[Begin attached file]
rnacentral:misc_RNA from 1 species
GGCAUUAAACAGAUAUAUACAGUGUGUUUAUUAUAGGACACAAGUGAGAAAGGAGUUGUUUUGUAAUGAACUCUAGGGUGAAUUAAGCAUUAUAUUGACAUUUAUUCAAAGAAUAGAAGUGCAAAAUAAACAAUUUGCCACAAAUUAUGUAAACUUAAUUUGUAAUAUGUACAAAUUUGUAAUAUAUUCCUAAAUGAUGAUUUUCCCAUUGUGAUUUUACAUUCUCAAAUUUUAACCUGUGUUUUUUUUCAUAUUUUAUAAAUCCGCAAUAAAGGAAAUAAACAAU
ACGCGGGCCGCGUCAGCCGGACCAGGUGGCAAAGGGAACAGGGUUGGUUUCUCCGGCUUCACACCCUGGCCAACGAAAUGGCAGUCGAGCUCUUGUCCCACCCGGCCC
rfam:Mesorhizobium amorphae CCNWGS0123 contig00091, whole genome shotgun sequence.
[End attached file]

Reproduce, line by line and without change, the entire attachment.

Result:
rnacentral:misc_RNA from 1 species
GGCAUUAAACAGAUAUAUACAGUGUGUUUAUUAUAGGACACAAGUGAGAAAGGAGUUGUUUUGUAAUGAACUCUAGGGUGAAUUAAGCAUUAUAUUGACAUUUAUUCAAAGAAUAGAAGUGCAAAAUAAACAAUUUGCCACAAAUUAUGUAAACUUAAUUUGUAAUAUGUACAAAUUUGUAAUAUAUUCCUAAAUGAUGAUUUUCCCAUUGUGAUUUUACAUUCUCAAAUUUUAACCUGUGUUUUUUUUCAUAUUUUAUAAAUCCGCAAUAAAGGAAAUAAACAAU
ACGCGGGCCGCGUCAGCCGGACCAGGUGGCAAAGGGAACAGGGUUGGUUUCUCCGGCUUCACACCCUGGCCAACGAAAUGGCAGUCGAGCUCUUGUCCCACCCGGCCC
rfam:Mesorhizobium amorphae CCNWGS0123 contig00091, whole genome shotgun sequence.